Two months later she reported that she was pregnant and the father was a “bad boy” who didn’t know and she didn’t want him to know. She decided to raise her baby as a single mother, fully aware that her traditional “white picket fence” Vision was gone forever and she would now be dating as a single parent and whoever she married would not be the biological father.
What Can We Learn from Anna’s Story?
While Anna didn’t accomplish the Vision she stated she wanted, I have to believe this is what was needed for her to fulfill her higher destiny. Just speculating, but I imagine becoming a mother would soften her and help her mature into a woman who is ready to share her life with a “good” man and let go of needing to be in control and addicted to the kind of fun that “bad boys” provide.
This is an example of what happens in the real world of coaching imperfect humans, and we are all imperfect.
As coaches we have to be mindful that, despite our best efforts, Life doesn’t always give our clients what they want, desire or expect, sometimes it gives them what they need to fulfill their destiny and become the person who they’re meant to be.
I’m a living example: Relationship Coaching Institute and my accomplishments in the fields of relationships and relationship coach training would not exist if my first or second marriage had worked out like I wanted. While I wouldn’t wish the pain and sacrifice of two divorces on anyone, I now see why that path was necessary and important for me to travel to live the amazing life I now share with my soul mate.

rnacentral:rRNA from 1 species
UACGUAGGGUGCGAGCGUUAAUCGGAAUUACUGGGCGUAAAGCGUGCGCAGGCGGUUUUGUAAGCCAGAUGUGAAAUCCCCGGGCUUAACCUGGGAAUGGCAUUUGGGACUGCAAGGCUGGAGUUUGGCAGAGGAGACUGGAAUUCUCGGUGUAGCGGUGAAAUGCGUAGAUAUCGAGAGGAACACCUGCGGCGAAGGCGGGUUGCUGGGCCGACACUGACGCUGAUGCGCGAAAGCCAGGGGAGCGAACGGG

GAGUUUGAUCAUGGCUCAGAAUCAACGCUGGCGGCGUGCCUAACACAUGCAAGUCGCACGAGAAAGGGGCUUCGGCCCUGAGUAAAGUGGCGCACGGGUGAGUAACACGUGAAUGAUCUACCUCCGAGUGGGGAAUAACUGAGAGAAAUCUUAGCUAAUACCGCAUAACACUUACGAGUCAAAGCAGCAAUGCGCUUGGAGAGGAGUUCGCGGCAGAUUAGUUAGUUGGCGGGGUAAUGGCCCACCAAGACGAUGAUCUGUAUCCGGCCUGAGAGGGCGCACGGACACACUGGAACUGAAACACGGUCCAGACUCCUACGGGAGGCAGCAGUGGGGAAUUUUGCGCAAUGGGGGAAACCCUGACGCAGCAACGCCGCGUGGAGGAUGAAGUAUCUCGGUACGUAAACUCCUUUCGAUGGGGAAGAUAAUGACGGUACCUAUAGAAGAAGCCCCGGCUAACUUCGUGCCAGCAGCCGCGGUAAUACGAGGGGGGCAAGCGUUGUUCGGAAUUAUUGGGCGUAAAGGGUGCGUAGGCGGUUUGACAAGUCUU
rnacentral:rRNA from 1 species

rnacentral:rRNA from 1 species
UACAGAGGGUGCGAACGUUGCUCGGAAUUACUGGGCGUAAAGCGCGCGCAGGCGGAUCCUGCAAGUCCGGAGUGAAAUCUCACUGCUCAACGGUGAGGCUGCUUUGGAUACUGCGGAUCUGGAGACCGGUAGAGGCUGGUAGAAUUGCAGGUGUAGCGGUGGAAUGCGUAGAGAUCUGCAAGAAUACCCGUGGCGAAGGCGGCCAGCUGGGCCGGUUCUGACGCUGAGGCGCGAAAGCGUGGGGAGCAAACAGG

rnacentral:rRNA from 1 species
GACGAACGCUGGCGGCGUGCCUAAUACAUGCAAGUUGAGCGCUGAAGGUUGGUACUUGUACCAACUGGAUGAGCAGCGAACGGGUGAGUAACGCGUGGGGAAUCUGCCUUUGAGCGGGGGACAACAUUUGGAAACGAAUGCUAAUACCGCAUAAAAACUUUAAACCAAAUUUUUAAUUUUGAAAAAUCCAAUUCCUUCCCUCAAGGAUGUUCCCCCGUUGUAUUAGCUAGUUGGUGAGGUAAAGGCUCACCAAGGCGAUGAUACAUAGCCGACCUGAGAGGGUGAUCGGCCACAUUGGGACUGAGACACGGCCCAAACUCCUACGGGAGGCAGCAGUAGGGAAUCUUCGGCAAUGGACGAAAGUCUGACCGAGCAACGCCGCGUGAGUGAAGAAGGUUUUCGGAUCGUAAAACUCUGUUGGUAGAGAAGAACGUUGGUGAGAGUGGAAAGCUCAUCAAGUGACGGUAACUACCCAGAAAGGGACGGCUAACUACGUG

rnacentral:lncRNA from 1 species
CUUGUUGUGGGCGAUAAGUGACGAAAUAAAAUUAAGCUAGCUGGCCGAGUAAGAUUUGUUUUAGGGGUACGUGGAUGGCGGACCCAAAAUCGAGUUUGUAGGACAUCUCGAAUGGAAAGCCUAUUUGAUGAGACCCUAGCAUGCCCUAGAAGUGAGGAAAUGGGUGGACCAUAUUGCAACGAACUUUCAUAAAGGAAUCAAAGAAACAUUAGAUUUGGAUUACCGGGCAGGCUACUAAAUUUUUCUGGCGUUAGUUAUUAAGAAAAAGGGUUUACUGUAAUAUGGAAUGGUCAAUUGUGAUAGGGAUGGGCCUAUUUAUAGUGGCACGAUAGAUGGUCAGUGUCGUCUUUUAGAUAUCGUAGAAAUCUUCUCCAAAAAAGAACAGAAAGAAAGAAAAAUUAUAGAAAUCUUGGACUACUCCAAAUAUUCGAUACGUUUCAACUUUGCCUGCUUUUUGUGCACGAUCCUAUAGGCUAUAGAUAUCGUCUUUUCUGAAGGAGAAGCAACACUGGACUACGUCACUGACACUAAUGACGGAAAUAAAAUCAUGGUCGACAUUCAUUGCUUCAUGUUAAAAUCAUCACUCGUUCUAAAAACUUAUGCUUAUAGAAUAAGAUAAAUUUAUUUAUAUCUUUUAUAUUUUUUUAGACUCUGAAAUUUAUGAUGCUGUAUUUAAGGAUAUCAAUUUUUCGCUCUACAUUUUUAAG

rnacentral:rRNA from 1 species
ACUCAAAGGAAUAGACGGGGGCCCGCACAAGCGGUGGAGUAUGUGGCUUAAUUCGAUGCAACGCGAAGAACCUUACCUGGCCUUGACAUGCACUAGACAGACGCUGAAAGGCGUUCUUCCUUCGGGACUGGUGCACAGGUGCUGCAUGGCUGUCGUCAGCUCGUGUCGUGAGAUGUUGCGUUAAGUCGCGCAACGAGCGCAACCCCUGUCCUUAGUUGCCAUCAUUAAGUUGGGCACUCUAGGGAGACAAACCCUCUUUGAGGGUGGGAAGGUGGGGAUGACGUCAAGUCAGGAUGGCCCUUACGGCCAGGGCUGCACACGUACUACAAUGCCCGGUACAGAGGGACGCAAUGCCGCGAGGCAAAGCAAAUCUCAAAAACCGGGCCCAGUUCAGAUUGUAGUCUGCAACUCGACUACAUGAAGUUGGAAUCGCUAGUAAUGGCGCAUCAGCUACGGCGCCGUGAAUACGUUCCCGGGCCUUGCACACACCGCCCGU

Caution for new coaches: This does NOT give you permission to impose your idea of their path as your agenda for your client! Your job is to travel and discover their path with them, not judge and control it as their “destiny.”
Complexities of the Coaching Agenda
- Both coach and client want success, so at first glance they are on the same page.
- The coach might have an agenda of what’s needed for success and to address obstacles to success, but it is not effective coaching to dis-empower the client by being directive and imposing the coaches agenda, even if “it’s for their own good.”
- The client’s stated agenda might be for the coach to give them the answers they seek and tell them what they should do, which is dis-empowering, so a good coach doesn’t accommodate that agenda. As with Anna, clients often reject a solution that would work when they don’t like the cost. And, if they hold the coach responsible for providing the solution, they often hold them responsible for the outcome, which doesn’t serve their long term success.
- The client’s agenda might have conflicting wants and needs, as illustrated by Anna’s story.